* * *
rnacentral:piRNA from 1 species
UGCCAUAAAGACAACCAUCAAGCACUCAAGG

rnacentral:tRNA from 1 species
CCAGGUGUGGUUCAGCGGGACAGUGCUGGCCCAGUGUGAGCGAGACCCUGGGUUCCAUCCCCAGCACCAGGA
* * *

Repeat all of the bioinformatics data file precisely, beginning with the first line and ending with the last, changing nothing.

rnacentral:piRNA from 1 species
UGCCAUAAAGACAACCAUCAAGCACUCAAGG

rnacentral:tRNA from 1 species
CCAGGUGUGGUUCAGCGGGACAGUGCUGGCCCAGUGUGAGCGAGACCCUGGGUUCCAUCCCCAGCACCAGGA